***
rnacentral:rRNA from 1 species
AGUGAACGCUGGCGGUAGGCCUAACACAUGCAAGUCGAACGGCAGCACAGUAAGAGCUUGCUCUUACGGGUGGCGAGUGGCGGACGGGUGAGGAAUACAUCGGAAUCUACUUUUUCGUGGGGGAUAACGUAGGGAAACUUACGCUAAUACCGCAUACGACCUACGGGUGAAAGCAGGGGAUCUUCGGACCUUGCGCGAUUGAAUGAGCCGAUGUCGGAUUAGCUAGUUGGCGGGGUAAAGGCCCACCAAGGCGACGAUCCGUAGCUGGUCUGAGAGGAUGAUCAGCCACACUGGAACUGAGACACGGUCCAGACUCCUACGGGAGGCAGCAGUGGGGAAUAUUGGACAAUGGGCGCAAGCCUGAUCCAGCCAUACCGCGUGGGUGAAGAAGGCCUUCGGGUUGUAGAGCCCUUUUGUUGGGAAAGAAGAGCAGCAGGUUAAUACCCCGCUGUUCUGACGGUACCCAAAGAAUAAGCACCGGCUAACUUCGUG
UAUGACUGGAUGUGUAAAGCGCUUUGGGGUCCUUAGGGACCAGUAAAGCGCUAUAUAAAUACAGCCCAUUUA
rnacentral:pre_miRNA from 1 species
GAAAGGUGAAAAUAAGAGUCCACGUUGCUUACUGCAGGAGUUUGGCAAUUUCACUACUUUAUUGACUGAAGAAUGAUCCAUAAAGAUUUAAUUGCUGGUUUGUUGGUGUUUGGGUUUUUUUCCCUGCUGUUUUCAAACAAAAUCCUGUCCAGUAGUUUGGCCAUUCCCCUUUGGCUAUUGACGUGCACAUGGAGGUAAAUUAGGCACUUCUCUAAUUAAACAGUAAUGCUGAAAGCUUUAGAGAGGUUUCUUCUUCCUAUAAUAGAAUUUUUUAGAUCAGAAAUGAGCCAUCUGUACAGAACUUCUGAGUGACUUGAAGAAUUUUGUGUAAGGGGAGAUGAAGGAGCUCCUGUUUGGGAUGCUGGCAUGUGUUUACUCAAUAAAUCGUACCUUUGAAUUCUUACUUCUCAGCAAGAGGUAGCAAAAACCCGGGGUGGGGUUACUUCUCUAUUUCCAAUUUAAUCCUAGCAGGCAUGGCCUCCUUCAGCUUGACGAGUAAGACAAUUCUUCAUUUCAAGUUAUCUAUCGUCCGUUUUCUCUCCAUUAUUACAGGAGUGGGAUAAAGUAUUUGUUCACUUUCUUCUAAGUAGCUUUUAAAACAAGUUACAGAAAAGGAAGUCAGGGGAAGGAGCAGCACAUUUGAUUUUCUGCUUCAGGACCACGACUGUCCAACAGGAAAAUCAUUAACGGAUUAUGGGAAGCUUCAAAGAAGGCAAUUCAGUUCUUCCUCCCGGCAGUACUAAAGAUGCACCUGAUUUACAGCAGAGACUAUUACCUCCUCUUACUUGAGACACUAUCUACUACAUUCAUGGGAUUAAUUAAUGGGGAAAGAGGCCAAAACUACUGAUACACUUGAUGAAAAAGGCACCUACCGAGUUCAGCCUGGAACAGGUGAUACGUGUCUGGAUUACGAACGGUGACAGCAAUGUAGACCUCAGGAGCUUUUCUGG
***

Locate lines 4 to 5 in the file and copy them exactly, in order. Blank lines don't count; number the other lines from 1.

rnacentral:pre_miRNA from 1 species
GAAAGGUGAAAAUAAGAGUCCACGUUGCUUACUGCAGGAGUUUGGCAAUUUCACUACUUUAUUGACUGAAGAAUGAUCCAUAAAGAUUUAAUUGCUGGUUUGUUGGUGUUUGGGUUUUUUUCCCUGCUGUUUUCAAACAAAAUCCUGUCCAGUAGUUUGGCCAUUCCCCUUUGGCUAUUGACGUGCACAUGGAGGUAAAUUAGGCACUUCUCUAAUUAAACAGUAAUGCUGAAAGCUUUAGAGAGGUUUCUUCUUCCUAUAAUAGAAUUUUUUAGAUCAGAAAUGAGCCAUCUGUACAGAACUUCUGAGUGACUUGAAGAAUUUUGUGUAAGGGGAGAUGAAGGAGCUCCUGUUUGGGAUGCUGGCAUGUGUUUACUCAAUAAAUCGUACCUUUGAAUUCUUACUUCUCAGCAAGAGGUAGCAAAAACCCGGGGUGGGGUUACUUCUCUAUUUCCAAUUUAAUCCUAGCAGGCAUGGCCUCCUUCAGCUUGACGAGUAAGACAAUUCUUCAUUUCAAGUUAUCUAUCGUCCGUUUUCUCUCCAUUAUUACAGGAGUGGGAUAAAGUAUUUGUUCACUUUCUUCUAAGUAGCUUUUAAAACAAGUUACAGAAAAGGAAGUCAGGGGAAGGAGCAGCACAUUUGAUUUUCUGCUUCAGGACCACGACUGUCCAACAGGAAAAUCAUUAACGGAUUAUGGGAAGCUUCAAAGAAGGCAAUUCAGUUCUUCCUCCCGGCAGUACUAAAGAUGCACCUGAUUUACAGCAGAGACUAUUACCUCCUCUUACUUGAGACACUAUCUACUACAUUCAUGGGAUUAAUUAAUGGGGAAAGAGGCCAAAACUACUGAUACACUUGAUGAAAAAGGCACCUACCGAGUUCAGCCUGGAACAGGUGAUACGUGUCUGGAUUACGAACGGUGACAGCAAUGUAGACCUCAGGAGCUUUUCUGG